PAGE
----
LAS VEGAS — A high-profile condominium-casino project slated for almost 50 acres just off the Las Vegas Strip has been canceled, making it the second resort project to fizzle on the site. Project developer Edge Group confirmed Friday that its W Las Vegas on Harmon Avenue "could not overcome numerous significant challenges” after minority partner Starwood Hotel and Resorts Worldwide pulled out of the deal. Edge Group first proposed the project in 2005 as a posh resort on 22 acres it purchased from home builder D.R. Horton for $108 million.
It was billed as a $2.5 billion mixed-use project with 3,000 hotel-condominium units, 10 restaurants and nightclubs, a 75,000-square-foot casino, 300,000 square feet of convention and meeting space, a Fred Segal store and a spa.
In June 2006, the group expanded its plans to a "coordinated, two-casino experience” when it picked up another 25 acres from the canceled project next door — actor George Clooney’s Las Ramblas. Clooney, night club magnate Rande Gerber and Related Las Vegas sold the plot and entitlements for their failed condo-casino venture to Edge Group for $202 million.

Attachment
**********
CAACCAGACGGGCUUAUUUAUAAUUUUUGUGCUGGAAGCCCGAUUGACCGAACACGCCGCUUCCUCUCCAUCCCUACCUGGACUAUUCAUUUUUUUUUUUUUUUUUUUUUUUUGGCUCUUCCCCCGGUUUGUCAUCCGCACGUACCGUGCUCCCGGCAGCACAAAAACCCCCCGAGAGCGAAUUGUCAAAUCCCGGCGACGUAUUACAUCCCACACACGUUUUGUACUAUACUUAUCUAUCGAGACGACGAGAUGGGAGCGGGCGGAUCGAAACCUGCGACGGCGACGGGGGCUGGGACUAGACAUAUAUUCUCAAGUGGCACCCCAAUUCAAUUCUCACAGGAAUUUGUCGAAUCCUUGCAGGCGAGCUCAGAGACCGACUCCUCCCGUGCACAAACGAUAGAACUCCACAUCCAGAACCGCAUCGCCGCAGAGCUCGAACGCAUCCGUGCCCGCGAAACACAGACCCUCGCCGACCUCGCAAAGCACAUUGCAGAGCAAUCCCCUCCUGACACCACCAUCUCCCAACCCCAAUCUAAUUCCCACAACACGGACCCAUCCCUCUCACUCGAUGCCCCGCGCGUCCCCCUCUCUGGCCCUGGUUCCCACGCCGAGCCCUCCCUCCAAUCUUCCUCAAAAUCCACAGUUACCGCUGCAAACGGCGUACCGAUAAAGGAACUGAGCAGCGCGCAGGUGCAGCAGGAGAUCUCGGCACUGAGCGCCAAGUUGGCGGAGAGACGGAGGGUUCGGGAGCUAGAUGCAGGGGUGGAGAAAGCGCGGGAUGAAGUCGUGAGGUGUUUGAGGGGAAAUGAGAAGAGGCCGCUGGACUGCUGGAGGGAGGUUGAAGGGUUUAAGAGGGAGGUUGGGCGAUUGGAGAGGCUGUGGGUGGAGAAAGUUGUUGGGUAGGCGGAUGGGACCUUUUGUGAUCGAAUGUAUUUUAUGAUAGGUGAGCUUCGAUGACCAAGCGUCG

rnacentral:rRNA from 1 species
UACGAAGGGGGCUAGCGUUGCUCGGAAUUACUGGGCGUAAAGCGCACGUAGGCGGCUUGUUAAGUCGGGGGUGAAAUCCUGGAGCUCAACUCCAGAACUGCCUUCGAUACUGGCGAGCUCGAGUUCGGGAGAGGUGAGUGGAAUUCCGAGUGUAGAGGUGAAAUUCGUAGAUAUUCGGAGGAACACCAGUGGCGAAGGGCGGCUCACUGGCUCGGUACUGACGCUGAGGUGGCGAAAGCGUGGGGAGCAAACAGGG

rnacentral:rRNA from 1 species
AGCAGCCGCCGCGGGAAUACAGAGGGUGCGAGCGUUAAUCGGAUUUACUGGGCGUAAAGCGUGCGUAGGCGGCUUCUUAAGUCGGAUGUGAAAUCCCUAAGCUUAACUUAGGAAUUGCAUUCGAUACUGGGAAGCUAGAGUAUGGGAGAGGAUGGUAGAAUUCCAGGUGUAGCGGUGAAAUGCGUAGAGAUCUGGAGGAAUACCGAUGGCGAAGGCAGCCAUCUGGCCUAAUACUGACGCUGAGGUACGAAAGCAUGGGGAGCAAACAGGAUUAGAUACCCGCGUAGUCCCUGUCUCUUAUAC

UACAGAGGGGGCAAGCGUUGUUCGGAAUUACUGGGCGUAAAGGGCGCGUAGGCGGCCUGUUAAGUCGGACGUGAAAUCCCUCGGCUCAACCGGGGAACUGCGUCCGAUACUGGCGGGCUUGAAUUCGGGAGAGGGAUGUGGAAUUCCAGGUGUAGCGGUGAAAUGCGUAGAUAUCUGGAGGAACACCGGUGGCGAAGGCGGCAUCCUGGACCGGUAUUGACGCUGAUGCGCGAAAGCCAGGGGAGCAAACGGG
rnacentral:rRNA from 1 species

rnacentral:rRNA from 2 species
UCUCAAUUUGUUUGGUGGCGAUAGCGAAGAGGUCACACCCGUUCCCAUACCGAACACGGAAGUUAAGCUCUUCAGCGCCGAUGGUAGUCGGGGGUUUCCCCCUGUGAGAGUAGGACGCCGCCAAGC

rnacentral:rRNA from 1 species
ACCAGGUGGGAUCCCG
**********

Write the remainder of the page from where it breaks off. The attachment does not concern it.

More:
Edge Group had little experience in the casino business. The group briefly owned the Bourbon Street hotel-casino in 2004 before selling it to Harrah’s Entertainment Inc.
A Starwood pullout had been rumored since late last year, but Edge officials maintained in the past few months that the project was proceeding and cited a $10 million investment by Starwood last year as proof.
Project Co-Chairman and Chief Executive Officer Reagan Silber said in December that the company had hired financial consulting firm Credit Suisse to seek a joint-venture partner to join Edge Resorts and Starwood on the project. He said rising construction costs and the extra land required a third party.
Edge spokeswoman Maggie Feldman said company officials would not comment further on plans to sell the land and assets.
John Knott, executive vice president of the Global Gaming Group for CB Richard Ellis, said the land might fetch $12 million an acre if sold whole, or $17 million to $20 million an acre if broken up.
"It’s just an absolutely prime piece of real estate,” he said.
An e-mail statement from Edge said all condominium reservation deposits have been returned to the buyers. The company had held reservation agreements, but no hard contracts, for 750 units.
Information from: Las Vegas Review-Journal, http://www.lvrj.com